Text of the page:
Cocktail She´s great at all those things. I suppose I should just chill out a bit!blush It´s my husband that got me worried cos he was saying he knew the whole alphabet at age 3yrs, according to his parents! shock

Anyways, consistent learning in a fun way and observation I think. Thanks

Littlefish Tue 12-Jan-16 20:16:32

When you say "the alphabet", or "her ABCs" do you mean the letter name or the letter sound? If she was in the UK she would be focussing on the letter sound, eg. a makes the sound at the beginning of apple, not A as in ABC. Also, are you using lower case or capital letters? I would strongly suggest starting with lower case letters.

TeenAndTween Tue 12-Jan-16 20:20:46

Shoes. Some people draw 2 halves of a smiley face inside shoes so when they are the right way around the face is complete.

Not an expert, but with English you are recommended to teach the sound not the name, and lower case before upper case. Are you doing that? You certainly do not need to start with the alphabet names in order.

Considering how excellent the Dutch end up at English (I used to work for a Dutch electronics company) I doubt you have much to worry about longer term even if she doesn't learn to read in English yet.

I think that normally for bilingualism the rule is each parent speaks to their child in their own mother-tongue. If you don't mind my asking, are you Dutch or English? How do the Dutch learn to read - phonic based or some other system?

TeenAndTween Tue 12-Jan-16 20:21:12


Loveleopardprint Tue 12-Jan-16 20:30:01

Lots of children write letters back to front, put shoes on the wrong feet etc. Don't worry I am sure she is fine. Have you tried the alphabet song. Just learning letters can be quite abstract especially in two different languages. Give her time to settle at school.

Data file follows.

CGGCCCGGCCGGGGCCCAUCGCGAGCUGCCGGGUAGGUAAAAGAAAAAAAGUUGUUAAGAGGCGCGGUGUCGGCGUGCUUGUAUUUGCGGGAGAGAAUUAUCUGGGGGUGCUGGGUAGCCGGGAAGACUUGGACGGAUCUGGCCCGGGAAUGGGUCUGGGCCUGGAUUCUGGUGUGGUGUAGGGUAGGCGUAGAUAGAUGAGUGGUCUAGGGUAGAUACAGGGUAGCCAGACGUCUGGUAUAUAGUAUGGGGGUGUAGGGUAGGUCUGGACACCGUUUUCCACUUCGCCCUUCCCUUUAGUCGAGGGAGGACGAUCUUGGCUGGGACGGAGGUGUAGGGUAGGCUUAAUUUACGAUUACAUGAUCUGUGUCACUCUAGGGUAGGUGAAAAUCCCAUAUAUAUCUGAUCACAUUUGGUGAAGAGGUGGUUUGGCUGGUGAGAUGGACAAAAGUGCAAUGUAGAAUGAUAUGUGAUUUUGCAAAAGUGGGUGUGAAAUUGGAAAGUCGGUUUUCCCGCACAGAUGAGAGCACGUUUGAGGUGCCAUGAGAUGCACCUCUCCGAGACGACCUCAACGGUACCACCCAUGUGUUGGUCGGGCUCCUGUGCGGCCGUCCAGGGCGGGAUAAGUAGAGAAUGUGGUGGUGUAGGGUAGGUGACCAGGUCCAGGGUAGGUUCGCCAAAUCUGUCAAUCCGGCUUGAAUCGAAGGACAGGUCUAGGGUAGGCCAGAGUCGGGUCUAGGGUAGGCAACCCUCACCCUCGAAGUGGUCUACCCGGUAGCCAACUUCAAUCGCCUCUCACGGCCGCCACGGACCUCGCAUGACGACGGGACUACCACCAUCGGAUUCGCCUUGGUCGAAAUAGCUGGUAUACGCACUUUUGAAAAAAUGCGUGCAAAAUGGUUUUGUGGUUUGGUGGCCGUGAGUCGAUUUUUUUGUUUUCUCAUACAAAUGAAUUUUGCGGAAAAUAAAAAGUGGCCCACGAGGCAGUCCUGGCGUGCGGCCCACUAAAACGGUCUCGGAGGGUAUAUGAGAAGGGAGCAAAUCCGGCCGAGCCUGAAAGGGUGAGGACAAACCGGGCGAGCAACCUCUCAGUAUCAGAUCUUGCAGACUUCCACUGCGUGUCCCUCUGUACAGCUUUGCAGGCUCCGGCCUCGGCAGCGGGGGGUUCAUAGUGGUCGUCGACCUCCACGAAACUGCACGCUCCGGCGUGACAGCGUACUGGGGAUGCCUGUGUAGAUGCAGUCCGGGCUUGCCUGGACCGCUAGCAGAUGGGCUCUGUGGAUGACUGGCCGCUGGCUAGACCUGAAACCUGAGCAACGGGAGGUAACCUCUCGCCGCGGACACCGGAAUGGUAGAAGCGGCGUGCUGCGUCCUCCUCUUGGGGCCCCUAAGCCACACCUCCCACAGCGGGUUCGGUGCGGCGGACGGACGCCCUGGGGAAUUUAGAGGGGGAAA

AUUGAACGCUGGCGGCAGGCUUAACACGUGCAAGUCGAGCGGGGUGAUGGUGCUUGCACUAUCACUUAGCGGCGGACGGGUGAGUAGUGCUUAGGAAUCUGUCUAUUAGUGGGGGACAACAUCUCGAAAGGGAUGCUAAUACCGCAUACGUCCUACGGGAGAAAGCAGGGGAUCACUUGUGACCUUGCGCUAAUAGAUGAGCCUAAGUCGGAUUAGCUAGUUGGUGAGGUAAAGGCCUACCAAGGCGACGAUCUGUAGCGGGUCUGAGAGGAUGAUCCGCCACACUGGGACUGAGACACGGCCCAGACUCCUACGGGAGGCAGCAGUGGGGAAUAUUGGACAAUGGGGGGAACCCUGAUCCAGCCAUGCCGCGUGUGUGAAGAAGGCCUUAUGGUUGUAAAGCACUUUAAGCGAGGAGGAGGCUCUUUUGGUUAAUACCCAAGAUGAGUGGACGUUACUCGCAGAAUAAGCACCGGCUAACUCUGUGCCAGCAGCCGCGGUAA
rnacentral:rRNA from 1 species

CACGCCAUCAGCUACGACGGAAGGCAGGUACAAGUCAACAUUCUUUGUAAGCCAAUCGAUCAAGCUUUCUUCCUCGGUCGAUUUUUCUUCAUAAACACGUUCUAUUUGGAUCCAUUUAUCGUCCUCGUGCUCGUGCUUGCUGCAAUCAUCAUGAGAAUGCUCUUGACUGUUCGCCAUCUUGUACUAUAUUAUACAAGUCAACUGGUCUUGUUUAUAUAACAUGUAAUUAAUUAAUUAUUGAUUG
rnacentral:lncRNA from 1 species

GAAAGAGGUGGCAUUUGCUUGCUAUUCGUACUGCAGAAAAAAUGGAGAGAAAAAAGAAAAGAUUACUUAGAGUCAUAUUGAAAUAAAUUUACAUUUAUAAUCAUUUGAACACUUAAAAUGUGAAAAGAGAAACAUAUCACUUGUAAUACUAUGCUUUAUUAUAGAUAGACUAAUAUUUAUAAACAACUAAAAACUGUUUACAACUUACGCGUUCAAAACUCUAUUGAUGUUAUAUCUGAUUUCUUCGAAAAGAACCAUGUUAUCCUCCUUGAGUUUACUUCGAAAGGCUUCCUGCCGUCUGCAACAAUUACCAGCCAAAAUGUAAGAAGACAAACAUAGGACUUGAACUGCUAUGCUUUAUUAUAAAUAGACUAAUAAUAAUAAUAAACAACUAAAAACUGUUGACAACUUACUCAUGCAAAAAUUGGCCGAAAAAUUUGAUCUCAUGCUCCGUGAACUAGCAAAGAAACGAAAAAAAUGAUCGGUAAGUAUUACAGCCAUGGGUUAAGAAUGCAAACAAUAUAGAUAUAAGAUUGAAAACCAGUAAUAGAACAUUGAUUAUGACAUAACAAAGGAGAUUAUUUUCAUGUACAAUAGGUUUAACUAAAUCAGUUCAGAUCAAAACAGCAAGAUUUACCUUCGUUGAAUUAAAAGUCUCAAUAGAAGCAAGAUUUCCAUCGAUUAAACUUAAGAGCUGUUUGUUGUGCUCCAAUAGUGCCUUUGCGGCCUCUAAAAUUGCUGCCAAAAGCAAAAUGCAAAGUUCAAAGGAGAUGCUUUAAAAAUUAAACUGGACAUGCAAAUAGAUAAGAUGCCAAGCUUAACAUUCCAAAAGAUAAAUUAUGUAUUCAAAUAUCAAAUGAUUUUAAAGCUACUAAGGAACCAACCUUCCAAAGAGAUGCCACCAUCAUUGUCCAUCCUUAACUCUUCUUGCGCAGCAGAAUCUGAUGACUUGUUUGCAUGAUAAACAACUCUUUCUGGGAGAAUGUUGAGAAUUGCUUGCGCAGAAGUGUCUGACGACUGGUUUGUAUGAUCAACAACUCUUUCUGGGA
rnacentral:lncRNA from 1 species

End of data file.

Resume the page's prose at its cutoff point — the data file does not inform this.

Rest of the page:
shouldiblowthewhistle Tue 12-Jan-16 20:34:47

Leuk dat ze de mogelijkheid om het nederlands te leren!

I'd say keep a literacy rich environment - songs, stories, poetry, sound games, books, films, acting out stories/plays etc and don't worry until you have some real evidence that she has a learning difficulty i.e. is delayed in reading by age 6/7 or so. She's very young yet.

MoominPie22 Tue 12-Jan-16 21:51:36

Thanks everyone smile I appreciate your advice. Littlefish We´re actually doing both at home. We´re doing the sound, as in ¨apple¨ but also A, as in how it sounds in the alphabet. We´re also using capitals not lower case blush I had no idea it mattered...I think cos things like puzzles and jigsaws we have are in capital format and we didn´t want to use capitals and lower case together incase it confused her.

No worries we can change that but why does it matter, out of interest?

Teenandtween That´s such a great idea with the shoes, thankyou! Or I could do a smiley face on the soles in permanent marker if they´re light coloured. That´s sure to make all the difference. I don´t know how the Dutch do it at Basisschool but I´m gonna collar a teacher tomorrow to find out.

At home we also draw the letter ( in capitals currently but now I know, we can change to lower case ) and she copies underneath.

Loveleopard Yes I need to dust off the alphabet song plus there´s plenty of others on Youtube too.

shouldiblow haha quite! She´s way ahead of me though, just from being immersed in it so much more. The irony is I´m not bad at written exercises but I´m crap at listening and speaking in Dutch. She doesn´t know her ABCs but can converse very well, using the correct verbs and everything, with Dutchies grin I´m envious!

Nederlands is een moeilijke taal! Even the Dutch say so....confused

MoominPie22 Tue 12-Jan-16 21:54:24

Teen Oops forgot to say I´m English.

Spellcheck Thu 14-Jan-16 21:35:28

Please don't worry about teaching the alphabet, or letter names, at this age. It's the letter sounds (eg "ahh" for a, "buh" for b, etc). This helps them to blend the letters when they come to read words later on.
It's normal not to be able to do this at this age. It's totally normal to write letters backwards. And it's lower case because that is how it is in books. She sounds normal to me!
(Teacher and mother of 5)